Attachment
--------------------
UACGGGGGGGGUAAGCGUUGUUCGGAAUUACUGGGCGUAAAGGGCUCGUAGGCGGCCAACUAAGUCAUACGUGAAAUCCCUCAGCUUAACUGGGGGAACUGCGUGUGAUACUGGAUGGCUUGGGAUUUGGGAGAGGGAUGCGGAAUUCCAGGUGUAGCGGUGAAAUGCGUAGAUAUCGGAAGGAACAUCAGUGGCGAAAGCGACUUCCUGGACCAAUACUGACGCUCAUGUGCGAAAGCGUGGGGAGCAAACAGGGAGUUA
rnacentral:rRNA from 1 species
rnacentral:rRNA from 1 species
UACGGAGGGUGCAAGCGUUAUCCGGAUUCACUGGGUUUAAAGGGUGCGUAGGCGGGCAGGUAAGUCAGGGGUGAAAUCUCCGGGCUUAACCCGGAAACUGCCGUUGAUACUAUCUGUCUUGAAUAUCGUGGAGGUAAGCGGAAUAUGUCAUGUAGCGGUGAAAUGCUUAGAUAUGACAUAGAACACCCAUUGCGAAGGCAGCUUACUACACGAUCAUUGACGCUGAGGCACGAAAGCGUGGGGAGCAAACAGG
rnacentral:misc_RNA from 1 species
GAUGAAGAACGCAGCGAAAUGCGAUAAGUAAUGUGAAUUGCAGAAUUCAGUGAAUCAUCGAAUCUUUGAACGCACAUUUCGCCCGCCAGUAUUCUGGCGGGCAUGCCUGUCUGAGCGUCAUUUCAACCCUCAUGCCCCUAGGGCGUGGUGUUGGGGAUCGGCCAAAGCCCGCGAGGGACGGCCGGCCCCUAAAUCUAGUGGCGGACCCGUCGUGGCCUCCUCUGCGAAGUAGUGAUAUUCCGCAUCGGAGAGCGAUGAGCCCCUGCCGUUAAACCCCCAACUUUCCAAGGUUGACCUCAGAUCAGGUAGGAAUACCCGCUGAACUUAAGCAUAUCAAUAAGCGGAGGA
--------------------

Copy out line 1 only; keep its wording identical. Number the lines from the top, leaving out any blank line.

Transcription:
UACGGGGGGGGUAAGCGUUGUUCGGAAUUACUGGGCGUAAAGGGCUCGUAGGCGGCCAACUAAGUCAUACGUGAAAUCCCUCAGCUUAACUGGGGGAACUGCGUGUGAUACUGGAUGGCUUGGGAUUUGGGAGAGGGAUGCGGAAUUCCAGGUGUAGCGGUGAAAUGCGUAGAUAUCGGAAGGAACAUCAGUGGCGAAAGCGACUUCCUGGACCAAUACUGACGCUCAUGUGCGAAAGCGUGGGGAGCAAACAGGGAGUUA